use? Can you trace any dollar spent on an abortion directly back to a Catholic
sister any more (or less) than a dollar spent on a cruise missile can be traced
back to a Friend?
@Mountanman: The Little Sisters of the Poor case relates directly to ObamaCare,
not to homosexuals. The Catholic Church CHOSE to shut down facilities in lieu of
the decision to "consider" same sex parents when reviewing adoptions in
order to obtain state funds. As for those who choose not to serve somebody
simply because of their partner, the question is, if you open a public business,
why would you? There are very few cases of people actually refusing service
because, in this free market, loss of one customer due to this reason equates to
large loss of revenue as a whole. If you feel you cannot serve the people of
your community as a whole, perhaps you should not be in business.
When did we become Iran and adopt Sharia law in this country? Unbelievable.
It's one thing when the police come to your house or business and detain
you for committing an actual crime like murder, rape, theft, fraud, etc. (and
it's a good thing at that). But when ayatollahs send moral police to
trespass on private property (an ACTUAL crime) to harass and bully the owner for
thinking a certain way, that is just corrupt and appalling. I would bake a cake
for a gay couple. More money for me. But I would NEVER advocate sending mafiosi
with badges to someone's PRIVATE PROPERTY unless they committed an actual
crime, negligence or breach of contract. MORAL infractions are NOT the
responsibility of the state! Save it for church! Sheesh!
@Mountanman"How about the government forcing the Little Sisters of the
Poor to pay for other people's birth control/abortions? "They just need to sign an exemption form..."How about forcing
Christian ministers to perform gay "marriages"?"That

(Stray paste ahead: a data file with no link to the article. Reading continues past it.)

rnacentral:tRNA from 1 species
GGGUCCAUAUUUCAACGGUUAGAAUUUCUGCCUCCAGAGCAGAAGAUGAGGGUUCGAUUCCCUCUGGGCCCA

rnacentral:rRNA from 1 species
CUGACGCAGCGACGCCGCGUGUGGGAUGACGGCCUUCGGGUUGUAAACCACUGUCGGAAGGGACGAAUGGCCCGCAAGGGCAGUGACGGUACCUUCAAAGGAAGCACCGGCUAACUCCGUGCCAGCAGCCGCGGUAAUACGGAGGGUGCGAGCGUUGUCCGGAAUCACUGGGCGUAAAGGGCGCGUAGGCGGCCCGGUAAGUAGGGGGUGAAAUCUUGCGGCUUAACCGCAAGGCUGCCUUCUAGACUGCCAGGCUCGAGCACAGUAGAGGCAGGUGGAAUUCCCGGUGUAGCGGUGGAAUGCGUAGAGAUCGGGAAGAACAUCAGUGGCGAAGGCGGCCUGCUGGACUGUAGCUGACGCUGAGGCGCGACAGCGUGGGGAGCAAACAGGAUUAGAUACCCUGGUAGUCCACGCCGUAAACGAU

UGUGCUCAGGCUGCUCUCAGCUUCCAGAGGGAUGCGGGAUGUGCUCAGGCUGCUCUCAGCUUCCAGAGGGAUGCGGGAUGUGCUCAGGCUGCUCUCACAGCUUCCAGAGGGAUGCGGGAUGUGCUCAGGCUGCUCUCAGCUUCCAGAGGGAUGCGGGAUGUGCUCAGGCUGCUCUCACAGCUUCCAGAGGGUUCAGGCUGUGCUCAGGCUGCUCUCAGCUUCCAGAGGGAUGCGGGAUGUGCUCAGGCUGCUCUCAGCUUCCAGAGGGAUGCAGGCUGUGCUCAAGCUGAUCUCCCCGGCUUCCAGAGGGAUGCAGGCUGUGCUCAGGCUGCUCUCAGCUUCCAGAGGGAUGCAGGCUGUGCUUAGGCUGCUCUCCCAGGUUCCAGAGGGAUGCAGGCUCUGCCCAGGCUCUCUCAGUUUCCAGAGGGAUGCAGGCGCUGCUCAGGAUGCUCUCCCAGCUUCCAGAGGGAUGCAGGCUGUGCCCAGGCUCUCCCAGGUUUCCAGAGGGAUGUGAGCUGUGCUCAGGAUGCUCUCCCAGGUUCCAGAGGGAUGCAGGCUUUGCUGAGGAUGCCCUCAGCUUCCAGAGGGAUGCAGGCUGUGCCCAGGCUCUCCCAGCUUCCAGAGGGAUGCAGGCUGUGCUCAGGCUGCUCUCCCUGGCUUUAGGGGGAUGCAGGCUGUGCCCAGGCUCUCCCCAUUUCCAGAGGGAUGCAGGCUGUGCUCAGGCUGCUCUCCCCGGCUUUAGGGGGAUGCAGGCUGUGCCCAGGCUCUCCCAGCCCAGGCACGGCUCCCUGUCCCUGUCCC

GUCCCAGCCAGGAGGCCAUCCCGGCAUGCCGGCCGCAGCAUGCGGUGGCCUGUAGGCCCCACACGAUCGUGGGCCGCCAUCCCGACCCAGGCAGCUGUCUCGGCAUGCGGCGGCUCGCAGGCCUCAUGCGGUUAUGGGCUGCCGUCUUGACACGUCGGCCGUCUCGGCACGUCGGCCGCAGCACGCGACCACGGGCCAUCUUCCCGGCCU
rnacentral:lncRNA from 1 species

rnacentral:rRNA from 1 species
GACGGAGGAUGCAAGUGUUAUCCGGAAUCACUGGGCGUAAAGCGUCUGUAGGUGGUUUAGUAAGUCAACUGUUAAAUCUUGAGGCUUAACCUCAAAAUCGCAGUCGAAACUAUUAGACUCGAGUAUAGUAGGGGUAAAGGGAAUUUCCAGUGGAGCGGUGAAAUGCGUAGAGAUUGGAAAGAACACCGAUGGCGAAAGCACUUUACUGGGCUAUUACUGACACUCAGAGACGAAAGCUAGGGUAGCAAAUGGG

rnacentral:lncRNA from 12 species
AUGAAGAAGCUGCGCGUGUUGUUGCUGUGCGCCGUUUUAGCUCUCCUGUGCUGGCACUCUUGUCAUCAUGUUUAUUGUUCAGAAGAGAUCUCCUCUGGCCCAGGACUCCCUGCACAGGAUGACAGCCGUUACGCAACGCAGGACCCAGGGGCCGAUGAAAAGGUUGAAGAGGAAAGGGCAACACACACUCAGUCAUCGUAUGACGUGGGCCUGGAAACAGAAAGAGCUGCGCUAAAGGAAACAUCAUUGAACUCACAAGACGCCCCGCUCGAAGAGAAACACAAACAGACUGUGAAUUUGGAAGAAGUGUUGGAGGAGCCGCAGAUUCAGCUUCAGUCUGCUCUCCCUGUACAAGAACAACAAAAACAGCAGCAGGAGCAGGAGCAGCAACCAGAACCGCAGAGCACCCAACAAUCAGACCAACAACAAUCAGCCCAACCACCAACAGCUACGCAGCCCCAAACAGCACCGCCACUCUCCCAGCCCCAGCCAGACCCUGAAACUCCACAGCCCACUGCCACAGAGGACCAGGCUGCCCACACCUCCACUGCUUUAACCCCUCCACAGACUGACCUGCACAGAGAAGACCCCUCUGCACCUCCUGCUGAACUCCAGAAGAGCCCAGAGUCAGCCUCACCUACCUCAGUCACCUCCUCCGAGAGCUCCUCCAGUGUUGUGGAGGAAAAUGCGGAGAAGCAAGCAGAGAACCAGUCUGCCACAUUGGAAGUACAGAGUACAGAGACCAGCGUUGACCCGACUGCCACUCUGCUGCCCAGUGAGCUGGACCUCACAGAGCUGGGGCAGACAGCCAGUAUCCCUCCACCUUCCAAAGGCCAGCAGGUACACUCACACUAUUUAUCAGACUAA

doesn't happen." How about the Catholic Church in Illinois
run out of town for refusing to provide adoptions to same sex couples?"Pretty sure they had the same option they had in Massachusetts, use
private money and they can set their own guidelines. "How about
forcing photographers and all others who support traditional marriages to
provide their services that contradict their religious liberties?"A few decades ago we decided segregation was wrong.
The article inform us that : "Brewer said in televised remarks from
Phoenix. “I have not heard of one example in Arizona where a business
owner’s religious liberty has been violated.”She said
she worried that the bill had “the potential to create more problems than
it purports to solve.” This is not only a victory for LGBT
people. This is a victory for common sense against paranoia and the threat of
religious zealotry upon anyone.I hope soon certain so called
Christians start acting like true Christians, so secured in their faiths and
convictions that they will stop seeing the boogey man in everything and everyone
that is different.A great day for Arizona and the nation!!!
@ Utefan. How about the government forcing the Little Sisters of the Poor to pay
for other people's birth control/abortions? How about forcing Christian
ministers to perform gay "marriages"? How about the Catholic Church in
Illinois run out of town for refusing to provide adoptions to same sex couples?
How about forcing photographers and all others who support traditional marriages
to provide their services that contradict their religious liberties? A society
that subverts its own moral immunities sows the seeds of its own destruction.
In ANY free society there must be moral immunities! And that is the precisely
the point! Otherwise we have no freedom FROM immoral behavior of others, period!
Think about it! If individuals can not define morality for themselves no one
will and nothing will be immoral, just like the Nazis.
No instance of persecution against people's religious beliefs by gays?"A climate of attacks against the LGBT community"?These people live in the United States, right? They're not blind or
deaf, right? I can understand if they are-but if they're not, then
they're not paying very close attention to their surroundings. That's
why this bill was crafted.
Religion keeps trying to meddle in your freedom, folks. It's refreshing to
seed that the arizona governor saw this push for what it was.
@Mountanman: How is government entering into your religion exactly? They are
simply stating that you can't discriminate based on sexual orientation.
Sounds like legislation that was denied in the '60s. It was a bad idea and
Brewer has been very clear that there have been absolutely zero incidences where
religious freedoms have been threatened. In fact, it was one of her major
points. That, and the fact that her legislature has refused to work on more
pressing matters, such as child safety, which should be a religious and secular
Your government is meddling in your religion folks! Liberals demand that we keep
religion out of their government but quite eager to force their government into
Common sense rules the day! I used to say "you can't spell crazy
without AZ" but this is inspiring. Utahn's who are thinking the
"religious freedom" thing is going to fly. Take notes son.